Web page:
Published: 27 June 2019 at 10:42
Work incorporating mental health patient and staff suggestions wins Paper of the Year
Research exploring mental health patients’ and staff members’ suggestions for reducing physical restraint has won paper of the year 2018 in the Journal of Psychiatric and Mental Health Nursing.
Working with Cambridgeshire and Peterborough NHS Foundation Trust (CPFT), the research team from Anglia Ruskin University (ARU) found that improving communication and relationships between staff and patients, making staffing‐related changes, improving busy ward environments and providing patient activities are essential to reduce restraint in mental healthcare.
The qualitative study is part of PROMISE (PROactive Management of Integrated Services and Environments) - an award-winning project developed by frontline staff and patients at CPFT to change culture and reduce physical interventions in mental health settings.
This project was funded and supported by the National Institute for Health Research Collaboration for Leadership in Applied Health Research and Care East of England (NIHR CLAHRC EOE), hosted by CPFT.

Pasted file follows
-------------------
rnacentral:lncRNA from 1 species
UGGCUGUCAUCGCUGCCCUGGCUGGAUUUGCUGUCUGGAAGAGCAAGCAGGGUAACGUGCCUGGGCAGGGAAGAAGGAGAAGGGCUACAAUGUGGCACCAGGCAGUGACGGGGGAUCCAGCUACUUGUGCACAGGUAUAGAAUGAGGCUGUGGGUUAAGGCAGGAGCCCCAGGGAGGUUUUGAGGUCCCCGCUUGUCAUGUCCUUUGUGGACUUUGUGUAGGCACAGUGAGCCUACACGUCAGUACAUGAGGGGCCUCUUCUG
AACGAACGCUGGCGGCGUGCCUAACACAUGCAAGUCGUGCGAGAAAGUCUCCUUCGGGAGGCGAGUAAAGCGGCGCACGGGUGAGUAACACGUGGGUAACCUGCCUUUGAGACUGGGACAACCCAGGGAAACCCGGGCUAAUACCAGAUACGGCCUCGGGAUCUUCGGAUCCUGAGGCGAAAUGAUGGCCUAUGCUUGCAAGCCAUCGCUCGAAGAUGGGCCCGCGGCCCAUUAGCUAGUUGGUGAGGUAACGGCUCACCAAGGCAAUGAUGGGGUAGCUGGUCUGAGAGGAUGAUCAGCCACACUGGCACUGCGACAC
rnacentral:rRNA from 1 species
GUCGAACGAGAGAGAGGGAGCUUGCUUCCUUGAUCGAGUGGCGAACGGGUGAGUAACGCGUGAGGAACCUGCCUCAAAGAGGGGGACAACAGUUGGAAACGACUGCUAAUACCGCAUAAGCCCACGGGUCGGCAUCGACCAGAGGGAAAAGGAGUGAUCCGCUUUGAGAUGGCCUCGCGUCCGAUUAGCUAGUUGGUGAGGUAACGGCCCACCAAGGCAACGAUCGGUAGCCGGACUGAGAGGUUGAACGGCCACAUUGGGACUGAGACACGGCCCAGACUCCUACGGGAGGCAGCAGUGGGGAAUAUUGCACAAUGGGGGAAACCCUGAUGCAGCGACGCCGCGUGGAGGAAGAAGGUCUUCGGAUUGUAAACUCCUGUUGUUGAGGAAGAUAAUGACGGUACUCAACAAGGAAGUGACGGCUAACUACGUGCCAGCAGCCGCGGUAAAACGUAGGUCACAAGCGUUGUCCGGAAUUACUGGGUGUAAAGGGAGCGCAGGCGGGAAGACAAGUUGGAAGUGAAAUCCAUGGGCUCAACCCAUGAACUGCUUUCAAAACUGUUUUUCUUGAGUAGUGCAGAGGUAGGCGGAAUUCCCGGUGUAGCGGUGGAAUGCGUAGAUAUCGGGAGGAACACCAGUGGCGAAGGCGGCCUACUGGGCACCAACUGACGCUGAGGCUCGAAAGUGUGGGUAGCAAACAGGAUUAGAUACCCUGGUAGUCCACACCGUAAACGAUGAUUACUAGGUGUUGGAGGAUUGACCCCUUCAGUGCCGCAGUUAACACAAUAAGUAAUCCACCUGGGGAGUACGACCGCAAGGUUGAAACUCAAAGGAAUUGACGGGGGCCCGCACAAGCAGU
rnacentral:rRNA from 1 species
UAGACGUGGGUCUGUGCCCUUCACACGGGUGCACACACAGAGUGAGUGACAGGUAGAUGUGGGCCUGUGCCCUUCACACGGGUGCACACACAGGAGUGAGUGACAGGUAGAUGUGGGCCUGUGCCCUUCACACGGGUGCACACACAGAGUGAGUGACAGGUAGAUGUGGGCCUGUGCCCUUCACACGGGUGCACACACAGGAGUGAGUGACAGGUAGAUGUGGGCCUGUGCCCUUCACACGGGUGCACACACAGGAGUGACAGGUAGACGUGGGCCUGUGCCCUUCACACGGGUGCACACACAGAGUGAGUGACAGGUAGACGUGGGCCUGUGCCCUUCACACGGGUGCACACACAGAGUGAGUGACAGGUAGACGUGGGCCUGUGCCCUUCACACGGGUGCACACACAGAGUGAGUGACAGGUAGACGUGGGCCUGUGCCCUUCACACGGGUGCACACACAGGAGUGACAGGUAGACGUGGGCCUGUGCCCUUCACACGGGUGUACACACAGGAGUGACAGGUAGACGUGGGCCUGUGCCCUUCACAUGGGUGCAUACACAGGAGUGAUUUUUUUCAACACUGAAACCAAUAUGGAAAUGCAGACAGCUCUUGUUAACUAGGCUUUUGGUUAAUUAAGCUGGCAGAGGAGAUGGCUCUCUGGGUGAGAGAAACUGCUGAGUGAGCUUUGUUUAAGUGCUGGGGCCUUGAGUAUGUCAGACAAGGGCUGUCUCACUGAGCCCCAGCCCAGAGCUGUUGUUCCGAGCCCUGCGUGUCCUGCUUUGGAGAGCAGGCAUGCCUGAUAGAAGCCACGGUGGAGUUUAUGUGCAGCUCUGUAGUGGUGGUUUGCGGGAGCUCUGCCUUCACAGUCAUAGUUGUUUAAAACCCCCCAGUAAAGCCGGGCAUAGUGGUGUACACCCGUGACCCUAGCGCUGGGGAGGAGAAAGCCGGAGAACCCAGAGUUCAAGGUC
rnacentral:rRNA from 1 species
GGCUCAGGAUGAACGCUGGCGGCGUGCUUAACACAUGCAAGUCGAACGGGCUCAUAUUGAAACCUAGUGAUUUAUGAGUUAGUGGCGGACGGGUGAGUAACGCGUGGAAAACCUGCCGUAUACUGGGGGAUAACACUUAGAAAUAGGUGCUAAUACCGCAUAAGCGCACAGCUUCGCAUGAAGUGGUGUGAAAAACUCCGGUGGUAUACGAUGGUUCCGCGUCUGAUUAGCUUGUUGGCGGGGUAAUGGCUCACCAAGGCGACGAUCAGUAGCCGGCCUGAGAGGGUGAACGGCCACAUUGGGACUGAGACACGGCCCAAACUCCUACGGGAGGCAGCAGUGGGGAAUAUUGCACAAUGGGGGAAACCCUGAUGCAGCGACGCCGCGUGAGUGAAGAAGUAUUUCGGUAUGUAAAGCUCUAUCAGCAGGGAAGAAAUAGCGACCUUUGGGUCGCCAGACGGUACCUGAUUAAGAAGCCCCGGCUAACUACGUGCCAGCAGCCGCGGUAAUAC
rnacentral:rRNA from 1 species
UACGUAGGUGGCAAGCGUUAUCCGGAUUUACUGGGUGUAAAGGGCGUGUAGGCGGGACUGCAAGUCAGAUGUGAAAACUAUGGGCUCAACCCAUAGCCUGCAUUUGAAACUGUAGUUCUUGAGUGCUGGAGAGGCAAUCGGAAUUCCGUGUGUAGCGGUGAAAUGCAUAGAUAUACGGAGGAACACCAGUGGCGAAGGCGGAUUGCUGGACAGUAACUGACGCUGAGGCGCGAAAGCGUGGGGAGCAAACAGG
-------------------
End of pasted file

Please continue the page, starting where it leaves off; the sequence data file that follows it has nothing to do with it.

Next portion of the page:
Dr Ceri Wilson, co-author and senior research fellow at ARU, said:
Over three years of running PROMISE, the Trust achieved a remarkable drop (58%) in incidents of face down restrains and all forms of physical interventions, as well as high patient experience scores. Continued research is needed to establish the best ways to reduce physical restraint, find practical approaches to improve ward facilities and release more time for staff to spend with patients.
Co-author and CPFT expert-by-experience Sarah Rae said:
“The qualitative research was conducted because there was little guidance for what proactive care entailed at the frontline. The key themes from this study fed into the wider project which led to a marked reduction in restraint incidents. In particular, the study findings informed the ward-based initiatives which had a positive impact on Trust culture.”
Nationally, the Care Quality Commission (CQC) has highlighted how PROMISE has created a positive and therapeutic culture across mental health wards at CPFT and reduced the need for restrictive interventions. The scheme features in this CQC guide designed to help mental healthcare providers improve support for patients.
View the full paper: Mental health inpatients’ and staff members’ suggestions for reducing physical restraint: A qualitative study